Design intersects with ethics due to the extent to which UI and zero user interface environments can be used to influence (or at worst, manipulate) behavior. As our interaction with technology grows to take a larger and larger place in all of our lives, we want this relationship to be healthy. That means meaningful and proportionally weighted interactions, not algorithms designed to make interactions addictive for the sake of short-term, one-sided goals. Is there any technology in your life with which you may have an unhealthy dependence? If so, does this ever impact how you feel about that brand? What happens when zero UI environments become so discreet we forget they’re even around?
There are more potential dangers than game apps you just can’t quit, however. Masha Krol, Lead Designer at Element AI and author of AI-First Design asserts that “AI will open up problem spaces that are unimaginable within our current solutions-based model. […] We don’t want to only solve incremental problems, but rather address paradigm shifting, disruptive ones.”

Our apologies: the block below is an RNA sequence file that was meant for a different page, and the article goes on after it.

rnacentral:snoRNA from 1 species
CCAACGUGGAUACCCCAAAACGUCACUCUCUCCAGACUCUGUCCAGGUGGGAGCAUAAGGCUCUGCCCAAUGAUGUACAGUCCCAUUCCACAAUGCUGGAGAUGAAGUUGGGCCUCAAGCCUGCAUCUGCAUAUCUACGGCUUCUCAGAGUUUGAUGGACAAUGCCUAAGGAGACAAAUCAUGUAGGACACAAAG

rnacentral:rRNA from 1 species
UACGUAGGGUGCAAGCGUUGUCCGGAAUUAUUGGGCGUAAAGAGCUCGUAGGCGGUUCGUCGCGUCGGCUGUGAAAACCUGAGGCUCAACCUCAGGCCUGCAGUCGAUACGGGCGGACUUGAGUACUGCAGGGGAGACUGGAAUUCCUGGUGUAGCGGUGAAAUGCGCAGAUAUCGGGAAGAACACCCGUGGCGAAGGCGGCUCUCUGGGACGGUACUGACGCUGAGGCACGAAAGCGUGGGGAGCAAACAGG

Collaboration with users, such as keeping the communication channels open and incorporating their feedback, will be fundamental to maintaining principled, human-centered designs that foster healthy, responsible, and ethical environments.
Responsible Data Collection
Because AI is data-driven, it creates even more incentive and opportunity for businesses to mine, store, and exploit data, which leads to its own special set of ethical concerns. We at Arcbees feel strongly that stewardship over user information must be respected as a sacred responsibility, held in trust for the user rather than exploited for the sake of upselling product.
This has implications for marketing and sales. For example, people are very sensitive as to when their online activities or conversations are being monitored, which is why it’s crucial to remain transparent and open about data collection. Furthermore, setting the user’s expectations and being clear about how the data is going to be used is just as important. Failing to do so will feel intrusive and consequently lead to a sentiment of distrust and reluctance towards the intelligent agent.
Imagine just how biased your Amazon Alexa would be if she relied on paid AdWord campaigns to make “personalized” suggestions. How would you feel if marketing and sales teams had access to what was being said in your home? What if you discovered that they were using this data to retarget you via other online channels, like Google, Facebook, or even Spotify? These issues must be addressed if we’re to create enjoyable experiences that respect privacy despite the fact that they’re integral to our intimate spaces.
Keeping AI Environments Safe